Whilst a budget is a great way of observing where your money is going, it is really a tool and it should be used to serve a purpose: meeting your financial goals. Take companies for example. They set the budget at the beginning of the financial year in order to keep their expenditure within certain limits. This ensures that at the end of the year when they draw the line, they are left with a profit. The budget allows for monitoring of expenditure and appropriate remedial action if necessary, to make sure that the profit target is met. Of course there are other factors involved and this example is a very simplistic one but it serves well do demonstrate the power of budgets.
Similar to companies, you should always set a budget with a purpose in mind. This can take various forms: saving an amount of money for the year, reducing your monthly expenditure by a certain percentage, building up your emergency fund, etc. Don’t forget that budgeting is a tool and you should use it as such: an enabler of something else, in this case a financial goal.
Setting your financial goals
I recommend being very detailed about your financial goals. We’ve all heard of the SMART acronym: Specific, Measurable, Achievable, Realistic and Timely. Let’s look at what a SMART financial goal might look like:
My goal is to save £4,000 by dd/mm/yyyy (insert whichever date is relevant in your case). This is Specific and Measurable as well as Timely (or time bound). Whether it is Achievable and Realistic depends on your own circumstances: your level of income, the expenses you foresee until your goal date, your debt level, the number of people which depend on you financially, etc. To make it Achievable and Realistic you might have to tweak it. For example: my goal is to save £2,000 by dd/mm/yyyy, or whatever number is appropriate for your circumstances.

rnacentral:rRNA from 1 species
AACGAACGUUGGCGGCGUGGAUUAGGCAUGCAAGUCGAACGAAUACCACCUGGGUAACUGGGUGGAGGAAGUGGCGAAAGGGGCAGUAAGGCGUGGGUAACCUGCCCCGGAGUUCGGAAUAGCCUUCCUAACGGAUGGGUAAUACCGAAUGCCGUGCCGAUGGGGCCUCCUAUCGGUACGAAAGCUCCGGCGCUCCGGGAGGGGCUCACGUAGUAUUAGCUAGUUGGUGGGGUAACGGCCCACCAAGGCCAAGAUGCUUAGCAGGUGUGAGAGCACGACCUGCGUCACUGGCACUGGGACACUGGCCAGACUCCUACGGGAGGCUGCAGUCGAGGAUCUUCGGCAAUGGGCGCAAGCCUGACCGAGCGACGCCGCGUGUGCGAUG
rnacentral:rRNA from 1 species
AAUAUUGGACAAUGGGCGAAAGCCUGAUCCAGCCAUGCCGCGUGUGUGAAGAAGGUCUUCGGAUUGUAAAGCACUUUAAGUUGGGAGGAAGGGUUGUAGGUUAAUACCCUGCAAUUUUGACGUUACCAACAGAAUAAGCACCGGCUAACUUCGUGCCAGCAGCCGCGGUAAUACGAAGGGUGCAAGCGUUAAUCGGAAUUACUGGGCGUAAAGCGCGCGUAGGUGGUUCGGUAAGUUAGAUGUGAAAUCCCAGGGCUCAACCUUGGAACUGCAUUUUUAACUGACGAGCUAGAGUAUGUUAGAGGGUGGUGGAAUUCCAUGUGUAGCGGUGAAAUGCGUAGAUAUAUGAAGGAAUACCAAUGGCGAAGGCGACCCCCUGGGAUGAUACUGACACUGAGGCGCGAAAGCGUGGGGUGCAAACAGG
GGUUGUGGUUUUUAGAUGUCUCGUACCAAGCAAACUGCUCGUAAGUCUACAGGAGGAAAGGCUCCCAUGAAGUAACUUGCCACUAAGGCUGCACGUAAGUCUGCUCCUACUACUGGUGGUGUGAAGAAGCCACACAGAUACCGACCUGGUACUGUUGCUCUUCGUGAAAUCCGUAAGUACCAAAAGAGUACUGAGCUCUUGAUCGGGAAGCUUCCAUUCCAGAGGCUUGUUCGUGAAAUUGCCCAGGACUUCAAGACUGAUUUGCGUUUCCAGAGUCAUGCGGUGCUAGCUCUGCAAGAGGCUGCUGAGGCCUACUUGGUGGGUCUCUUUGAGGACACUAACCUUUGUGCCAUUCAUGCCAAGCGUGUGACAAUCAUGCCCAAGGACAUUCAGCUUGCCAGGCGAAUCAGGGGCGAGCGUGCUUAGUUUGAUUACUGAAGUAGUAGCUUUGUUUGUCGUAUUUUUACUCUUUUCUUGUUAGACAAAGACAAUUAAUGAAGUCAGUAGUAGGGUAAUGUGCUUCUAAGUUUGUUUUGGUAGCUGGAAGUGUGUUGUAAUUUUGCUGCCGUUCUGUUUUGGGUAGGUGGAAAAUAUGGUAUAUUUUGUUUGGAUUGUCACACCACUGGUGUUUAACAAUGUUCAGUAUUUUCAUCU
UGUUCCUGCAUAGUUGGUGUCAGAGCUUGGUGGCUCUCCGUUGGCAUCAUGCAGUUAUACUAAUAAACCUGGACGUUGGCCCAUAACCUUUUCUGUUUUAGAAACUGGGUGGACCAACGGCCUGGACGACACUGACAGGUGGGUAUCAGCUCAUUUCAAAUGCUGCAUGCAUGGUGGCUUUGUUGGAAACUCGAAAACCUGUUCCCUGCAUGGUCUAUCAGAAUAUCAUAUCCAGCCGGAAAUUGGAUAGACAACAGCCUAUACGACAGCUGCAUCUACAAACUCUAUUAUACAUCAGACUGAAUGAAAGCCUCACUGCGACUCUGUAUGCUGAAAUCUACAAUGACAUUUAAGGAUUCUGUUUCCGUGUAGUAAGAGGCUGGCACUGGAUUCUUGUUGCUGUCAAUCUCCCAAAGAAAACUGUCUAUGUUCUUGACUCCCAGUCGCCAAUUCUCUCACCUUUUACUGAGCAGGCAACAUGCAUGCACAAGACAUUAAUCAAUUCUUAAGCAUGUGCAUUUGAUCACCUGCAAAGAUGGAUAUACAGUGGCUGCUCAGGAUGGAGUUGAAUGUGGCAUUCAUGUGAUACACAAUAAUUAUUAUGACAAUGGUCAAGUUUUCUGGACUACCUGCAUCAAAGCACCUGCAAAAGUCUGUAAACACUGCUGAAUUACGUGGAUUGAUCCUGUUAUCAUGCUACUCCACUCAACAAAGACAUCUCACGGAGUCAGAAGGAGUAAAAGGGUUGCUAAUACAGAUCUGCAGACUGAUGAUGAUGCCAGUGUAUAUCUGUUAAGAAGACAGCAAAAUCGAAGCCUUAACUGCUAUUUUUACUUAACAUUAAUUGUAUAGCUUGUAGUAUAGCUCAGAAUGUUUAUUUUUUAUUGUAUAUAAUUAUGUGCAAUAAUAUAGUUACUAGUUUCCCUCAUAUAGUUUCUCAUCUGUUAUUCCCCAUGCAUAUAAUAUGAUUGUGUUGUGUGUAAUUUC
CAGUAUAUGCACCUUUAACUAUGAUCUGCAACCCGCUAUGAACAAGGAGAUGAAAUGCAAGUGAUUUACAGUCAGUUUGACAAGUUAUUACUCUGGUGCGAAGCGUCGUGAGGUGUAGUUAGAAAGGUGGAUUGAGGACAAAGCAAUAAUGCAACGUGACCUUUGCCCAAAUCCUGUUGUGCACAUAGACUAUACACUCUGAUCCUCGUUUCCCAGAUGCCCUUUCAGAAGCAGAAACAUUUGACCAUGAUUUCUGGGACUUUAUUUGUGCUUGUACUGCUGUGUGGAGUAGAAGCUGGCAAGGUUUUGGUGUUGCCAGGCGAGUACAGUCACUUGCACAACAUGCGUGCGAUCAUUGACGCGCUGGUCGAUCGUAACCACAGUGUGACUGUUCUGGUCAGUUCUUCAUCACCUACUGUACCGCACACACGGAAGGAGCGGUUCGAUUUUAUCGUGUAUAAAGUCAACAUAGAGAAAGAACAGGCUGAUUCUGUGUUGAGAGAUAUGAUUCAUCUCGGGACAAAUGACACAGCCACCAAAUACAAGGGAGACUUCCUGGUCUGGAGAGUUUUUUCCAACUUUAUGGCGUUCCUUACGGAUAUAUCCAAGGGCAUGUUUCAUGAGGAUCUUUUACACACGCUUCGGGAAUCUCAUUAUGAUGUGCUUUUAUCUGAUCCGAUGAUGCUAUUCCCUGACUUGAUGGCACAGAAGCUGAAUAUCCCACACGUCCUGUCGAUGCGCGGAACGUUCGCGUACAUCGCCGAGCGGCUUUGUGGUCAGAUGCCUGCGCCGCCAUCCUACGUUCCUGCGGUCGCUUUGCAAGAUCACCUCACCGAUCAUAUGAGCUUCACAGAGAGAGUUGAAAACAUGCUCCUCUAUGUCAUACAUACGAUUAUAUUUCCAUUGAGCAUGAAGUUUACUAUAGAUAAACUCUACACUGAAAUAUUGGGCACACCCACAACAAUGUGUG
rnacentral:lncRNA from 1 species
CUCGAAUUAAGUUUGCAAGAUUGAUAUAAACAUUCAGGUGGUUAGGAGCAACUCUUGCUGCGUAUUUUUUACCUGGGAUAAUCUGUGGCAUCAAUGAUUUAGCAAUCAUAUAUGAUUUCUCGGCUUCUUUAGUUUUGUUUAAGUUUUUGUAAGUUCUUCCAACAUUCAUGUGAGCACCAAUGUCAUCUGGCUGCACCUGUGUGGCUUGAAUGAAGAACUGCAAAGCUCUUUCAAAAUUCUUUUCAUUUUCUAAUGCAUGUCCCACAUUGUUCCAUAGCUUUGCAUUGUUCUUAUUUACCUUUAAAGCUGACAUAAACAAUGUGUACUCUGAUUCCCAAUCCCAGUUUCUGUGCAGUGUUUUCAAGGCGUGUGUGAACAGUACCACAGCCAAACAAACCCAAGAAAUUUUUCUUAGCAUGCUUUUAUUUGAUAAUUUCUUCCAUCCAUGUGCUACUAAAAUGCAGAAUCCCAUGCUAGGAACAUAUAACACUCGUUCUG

Assuming that you wish to reach the above goal a year from now, ideally the bottom line of your annual budget, after deducting all your expenses from your income for the year, should be equal to or greater than £4,000 (or whatever number you chose). Hopefully by now you can see why a goal such as “I want to be financially secure” is too vague. It is not specific enough and it’s very difficult to measure financial security. You need to provide as many details as possible so that when you review your budget you can assess whether you have reached your goal or how far you are from achieving it.
Take some time to determine what your financial goals are before starting to work on your budget. By all means challenge yourself but be realistic. If your annual income is £25,000 and your financial goal is to save £20,000 you might find that you’re pushing yourself too hard, unless you foresee a significant increase in your income or a drastic decrease in your expenses. You will lose motivation if your goal is not achievable. You can always change it later, so start with something that will challenge you but is within your reach if you discipline yourself. Make it realistic and achievable, believe that you can do it and you will!
Now that you have set your financial goal(s) you can move on to the next step which is distinguishing between different types of expenses.
Until next time, stay savvy!
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